Most of the wolves in southeast Alaska occur on the large islands south of Frederick Sound. These islands (game management units 2 and 3) support approximately 60 to 70 percent of the total population in southeast Alaska. Sitka black-tailed deer were, and continue to be, the primary prey of wolves. Deer remains occurred in 90 percent of wolf feces examined from Prince of Wales Island.
Deer populations are prone to dramatic population swings, largely attributable to severe winter weather. Evidence indicates population declines of varying severity, depending on the area, with winters that have exceptional high snowfall that persist on the ground late in the spring in Southeast Alaska.
Of greater concern, habitat capability and deer numbers are expected to decline in some areas as large tracts of previously logged areas reach the closed canopy stem exclusion stage and become extremely poor deer habitat. Population models predict declines in deer carrying capacity in the Ketchikan area of 50–60 percent by the end of the logging rotation in 2054.
Prince of Wales Island has several issues: POW likely has the highest level of illegal or unreported harvests of deer, estimated to be equal to the reported harvest due to extensive and increasing road system, lack of law enforcement personnel and high unemployment. In addition, actual hunter kill could be 38% greater than total estimated harvests from hunter reports because of crippling loss. Presently, large tracts of previously logged areas have reached the closed canopy stem exclusion stage; large tracts of land have now been converted to extremely poor deer habitat, and consequently, habitat capability and deer numbers are expected to decline.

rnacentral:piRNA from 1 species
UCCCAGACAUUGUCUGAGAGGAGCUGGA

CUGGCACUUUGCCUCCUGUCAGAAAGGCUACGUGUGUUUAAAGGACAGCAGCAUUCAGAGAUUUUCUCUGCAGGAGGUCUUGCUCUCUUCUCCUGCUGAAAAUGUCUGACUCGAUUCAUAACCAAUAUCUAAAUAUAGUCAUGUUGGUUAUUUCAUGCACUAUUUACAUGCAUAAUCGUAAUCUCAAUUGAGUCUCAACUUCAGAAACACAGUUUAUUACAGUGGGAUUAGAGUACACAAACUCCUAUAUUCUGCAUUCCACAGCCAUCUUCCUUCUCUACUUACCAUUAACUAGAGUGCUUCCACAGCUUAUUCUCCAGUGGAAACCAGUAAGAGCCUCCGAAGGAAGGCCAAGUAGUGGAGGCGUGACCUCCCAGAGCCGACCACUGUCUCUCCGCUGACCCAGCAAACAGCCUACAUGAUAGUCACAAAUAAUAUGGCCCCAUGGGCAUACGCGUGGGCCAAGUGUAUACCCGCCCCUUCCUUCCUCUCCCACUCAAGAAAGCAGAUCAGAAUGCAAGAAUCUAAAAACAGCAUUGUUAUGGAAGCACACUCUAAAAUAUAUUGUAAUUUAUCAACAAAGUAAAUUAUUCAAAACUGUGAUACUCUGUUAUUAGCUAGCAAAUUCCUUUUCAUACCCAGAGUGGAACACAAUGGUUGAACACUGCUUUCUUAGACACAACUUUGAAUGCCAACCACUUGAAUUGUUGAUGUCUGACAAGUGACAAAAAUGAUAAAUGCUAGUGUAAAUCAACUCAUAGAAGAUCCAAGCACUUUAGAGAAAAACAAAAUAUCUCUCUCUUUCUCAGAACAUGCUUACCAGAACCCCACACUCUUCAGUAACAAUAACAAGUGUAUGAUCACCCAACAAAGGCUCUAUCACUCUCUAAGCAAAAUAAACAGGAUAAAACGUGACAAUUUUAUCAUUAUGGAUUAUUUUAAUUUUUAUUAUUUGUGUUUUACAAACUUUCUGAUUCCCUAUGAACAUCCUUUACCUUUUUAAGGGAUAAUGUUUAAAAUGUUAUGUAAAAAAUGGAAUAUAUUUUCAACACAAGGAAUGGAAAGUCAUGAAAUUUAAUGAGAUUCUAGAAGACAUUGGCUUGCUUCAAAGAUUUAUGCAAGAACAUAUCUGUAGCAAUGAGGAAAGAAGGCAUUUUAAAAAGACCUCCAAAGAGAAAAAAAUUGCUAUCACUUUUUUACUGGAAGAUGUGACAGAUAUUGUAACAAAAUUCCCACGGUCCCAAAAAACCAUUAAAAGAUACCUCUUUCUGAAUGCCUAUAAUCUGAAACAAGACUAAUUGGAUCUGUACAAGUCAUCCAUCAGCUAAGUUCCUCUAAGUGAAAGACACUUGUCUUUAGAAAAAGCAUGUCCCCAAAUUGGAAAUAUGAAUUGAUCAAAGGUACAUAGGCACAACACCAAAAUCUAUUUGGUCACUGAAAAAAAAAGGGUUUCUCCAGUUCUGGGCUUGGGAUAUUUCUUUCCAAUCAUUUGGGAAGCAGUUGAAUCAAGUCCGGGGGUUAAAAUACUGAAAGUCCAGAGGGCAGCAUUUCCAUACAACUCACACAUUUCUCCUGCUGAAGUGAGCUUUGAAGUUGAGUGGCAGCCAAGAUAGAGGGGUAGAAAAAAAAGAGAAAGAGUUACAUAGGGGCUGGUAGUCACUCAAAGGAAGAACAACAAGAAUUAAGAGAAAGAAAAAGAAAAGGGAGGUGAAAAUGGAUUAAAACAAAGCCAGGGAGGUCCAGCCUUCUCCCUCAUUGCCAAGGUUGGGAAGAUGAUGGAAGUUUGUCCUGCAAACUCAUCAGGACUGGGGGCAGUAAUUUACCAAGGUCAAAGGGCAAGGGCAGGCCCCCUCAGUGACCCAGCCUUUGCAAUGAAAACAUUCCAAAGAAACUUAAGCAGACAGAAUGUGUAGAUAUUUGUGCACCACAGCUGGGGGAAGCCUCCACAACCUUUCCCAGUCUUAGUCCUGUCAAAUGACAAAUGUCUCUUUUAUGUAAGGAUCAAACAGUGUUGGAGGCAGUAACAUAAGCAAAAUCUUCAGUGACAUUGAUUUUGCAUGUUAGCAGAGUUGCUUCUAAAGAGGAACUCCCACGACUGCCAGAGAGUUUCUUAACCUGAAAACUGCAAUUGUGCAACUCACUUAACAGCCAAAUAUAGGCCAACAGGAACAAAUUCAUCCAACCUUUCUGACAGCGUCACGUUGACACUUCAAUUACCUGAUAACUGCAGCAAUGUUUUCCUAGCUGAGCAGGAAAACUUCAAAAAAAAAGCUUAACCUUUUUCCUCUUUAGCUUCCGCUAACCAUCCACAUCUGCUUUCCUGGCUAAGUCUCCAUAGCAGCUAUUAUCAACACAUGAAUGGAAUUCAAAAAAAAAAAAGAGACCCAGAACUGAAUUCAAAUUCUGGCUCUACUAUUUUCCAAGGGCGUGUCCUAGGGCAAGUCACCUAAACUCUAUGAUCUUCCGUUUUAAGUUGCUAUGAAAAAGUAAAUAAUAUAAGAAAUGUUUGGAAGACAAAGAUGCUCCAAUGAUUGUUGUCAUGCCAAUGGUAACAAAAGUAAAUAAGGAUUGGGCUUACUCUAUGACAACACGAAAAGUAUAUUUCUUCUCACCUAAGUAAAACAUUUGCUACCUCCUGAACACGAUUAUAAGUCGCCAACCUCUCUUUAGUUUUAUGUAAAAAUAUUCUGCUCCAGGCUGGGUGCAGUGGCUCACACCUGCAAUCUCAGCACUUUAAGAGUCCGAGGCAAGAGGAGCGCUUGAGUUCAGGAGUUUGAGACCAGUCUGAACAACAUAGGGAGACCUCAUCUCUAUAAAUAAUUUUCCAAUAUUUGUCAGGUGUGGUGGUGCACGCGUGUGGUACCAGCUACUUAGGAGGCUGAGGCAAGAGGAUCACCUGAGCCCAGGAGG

And where the deer go, the wolves will follow. Rolling back the Roadless Rule spells doom for both the wolves, and deer that call Prince of Wales Island home.
They call Alaska “the last frontier.” I call Alaska our last chance to get it right.
And we are failing miserably.
If you care to get in touch with involved officials to leave a polite message regarding this brilliant new wolf management strategy for GMU2, here is a list of involved officials:
Alaska Department of Fish and Game:
Doug Vincent-Lang, Commissioner email@example.com
Eddie Grasser, Director, Wildlife Conservation firstname.lastname@example.org Phone: (907) 444-1973
Tom Schumacher, Regional Supervisor, (907) 465-4359, email@example.com
Tongass National Forest:
Troy Heithecker, acting Forest Supervisor Phone: 907-225-3101
Scot Shuler, District Ranger Phone: 907-826-3271
Paul Robbins Jr., Public Affairs Officer, (907) 228-6201, firstname.lastname@example.org
Forest Supervisor’s Office
On this page you will find a list of Alaska Board of Game members. Email: email@example.com
Regional contacts: Jessalynn Rintala – firstname.lastname@example.org
Phone: (907) 465-6097
Annie Bartholomew – email@example.com
Phone: (907) 465-4046